Community Workshops Provide Opportunities for Public Participation in South Bruce
Members of South Bruce Council and South Bruce Community Liaison Committee and others, in attendance at a regular meeting of the CLC, participated in the first workshop to provide input into establishing a set of values and principles to lay the foundation for future discussions.
South Bruce residents were recently invited to consider the shared values and principles that will guide the community and the Nuclear Waste Management Organization (NWMO) as they engage in future discussions and decision-making about Canada’s plan for the safe, long-term management of used nuclear fuel.
South Bruce is one of several communities learning about the used fuel project and exploring the possibility of hosting the deep geological repository and Centre of Expertise, which are part of Canada’s plan. None of these communities have committed to hosting the project.
Community workshops held in South Bruce provided an opportunity for the public to consider what shared values and principles are needed to guide future detailed discussions about what it would mean if suitable geology was identified in the area and the community was willing to host the project.
“These shared values and principles are very important because they will set the groundwork for how South Bruce and the NWMO will talk with each other and make decisions together,” said, Jo-Ann Facella, NWMO’s Director of Community Well-Being, Assessment and Dialogue. “This work is key as we move forward to the next steps.”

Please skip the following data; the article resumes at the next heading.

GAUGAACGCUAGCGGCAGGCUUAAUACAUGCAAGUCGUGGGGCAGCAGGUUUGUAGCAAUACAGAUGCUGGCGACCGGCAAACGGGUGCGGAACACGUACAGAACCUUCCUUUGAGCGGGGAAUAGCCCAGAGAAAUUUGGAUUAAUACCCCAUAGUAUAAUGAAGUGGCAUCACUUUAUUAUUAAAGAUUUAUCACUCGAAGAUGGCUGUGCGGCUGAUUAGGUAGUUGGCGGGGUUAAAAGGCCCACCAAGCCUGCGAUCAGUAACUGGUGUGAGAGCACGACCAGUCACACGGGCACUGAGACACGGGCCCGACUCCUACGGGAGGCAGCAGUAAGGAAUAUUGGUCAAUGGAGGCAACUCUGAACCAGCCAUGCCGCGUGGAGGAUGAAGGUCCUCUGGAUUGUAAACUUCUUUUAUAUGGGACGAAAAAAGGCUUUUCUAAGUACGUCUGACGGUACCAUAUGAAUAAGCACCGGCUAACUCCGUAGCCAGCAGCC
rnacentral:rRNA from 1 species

Once the values and principles are established, the next step would be to begin detailed discussions around partnership – an important step as the project will only be implemented in an area with the involvement of the community, First Nation and Métis communities in the area and surrounding communities working together to implement it. Other discussions will include how the project could be configured to fit with South Bruce’s priorities and objectives, and what investments might be needed in the area to enhance well-being.
The municipality and the NWMO are continuing to seek ideas from community members. Those who could not attend a workshop but would like to provide their comments on proposed values and principles to guide future discussions are invited to visit the municipal office at 21 Gordon Street, Teeswater, or the NWMO Learn More Centre at 12B Clinton Street to gather information and provide comments until January 31.
The Nuclear Waste Management Organization (NWMO) is a not-for-profit organization tasked with the safe, long-term management of Canada’s used nuclear fuel inside a deep geological repository, in a manner that protects people and the environment for generations to come.
Founded in 2002, the NWMO has been guided for more than 20 years by a dedicated team of world-class scientists, engineers and Indigenous Knowledge Holders that are developing innovative and collaborative solutions for nuclear waste management. Canada’s plan will only proceed in an area with informed and willing hosts, where the municipality, First Nation and Métis communities, and others in the area are working together to implement it. The NWMO plans to select a site in 2024, and two areas remain in our site selection process: the Wabigoon Lake Ojibway Nation-Ignace area in northwestern Ontario and the Saugeen Ojibway Nation-South Bruce area in southern Ontario.